In 2011 the PP government introduced the Anti-Gang Bill 2011 in Parliament. Because the Bill infringed rights, a constitutional majority was needed to enact it.
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Plipdeco: No word from ArcelorMittal on closure
President of the Point Lisas Industrial Port Development Corporation Ltd (Plipdeco) Ashley Taylor said there was never any signal from ArcelorMittal that the steel plant was facing challenges and was planning to pull out of T&T.
He told the T&T Guardian that officials of the company, owner and landlord of the 860-hectare Point Lisas Industrial Estate were the steel plant is located, only knew “what was already in the public domain with respect to the temporary closure and laying off of workers.”
The industrial estate, located on the west coast of central Trinidad, houses more than 103 tenants comprising methanol, ammonia and urea plants, three steel plants, a power plant, and smaller light manufacturing and service companies.
Asked about how much revenue Plipdeco stands to lose with the closure of ArcelorMittal, Taylor said he was “unable to provide that information at this time.” He explained, however, that the effect on operations would be dictated by how direct loss of jobs would affect companies doing business with the industrial estate such as T&tec and Wasa, as well as companies that depend on products manufactured by the steel pant.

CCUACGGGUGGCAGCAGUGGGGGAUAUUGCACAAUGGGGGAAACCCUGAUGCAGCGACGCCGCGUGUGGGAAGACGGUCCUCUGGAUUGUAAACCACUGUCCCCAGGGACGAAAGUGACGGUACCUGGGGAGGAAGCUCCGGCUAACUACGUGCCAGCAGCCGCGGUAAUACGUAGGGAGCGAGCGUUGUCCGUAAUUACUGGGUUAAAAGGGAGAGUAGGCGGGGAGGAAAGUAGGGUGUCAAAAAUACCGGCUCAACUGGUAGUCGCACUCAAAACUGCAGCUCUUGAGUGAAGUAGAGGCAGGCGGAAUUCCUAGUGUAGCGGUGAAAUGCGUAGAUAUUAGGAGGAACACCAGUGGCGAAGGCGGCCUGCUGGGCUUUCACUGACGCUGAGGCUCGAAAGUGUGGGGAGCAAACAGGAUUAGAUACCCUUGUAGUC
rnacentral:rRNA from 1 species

“If ArcelorMittal ultimately pulls out, Plipdeco, as landlords of the industrial estate, will eventually seek to identify a replacement tenant or tenants,” Taylor said.
He said no representations have yet been made to Government concerning a new tenant for the industrial estate.
The steel plant, originally established as the state-owned Iron and Steel Company of T&T (Iscott), has been operating at Point Lisas since 1980. The company was sold to Indian steel magnate’s Lakshmi Mittal’s Ispat International in 1989 and became known as Caribbean Ispat. The other name change came in 2006 with the acquisition of Western European steel maker Arcelor by Mittal Steel.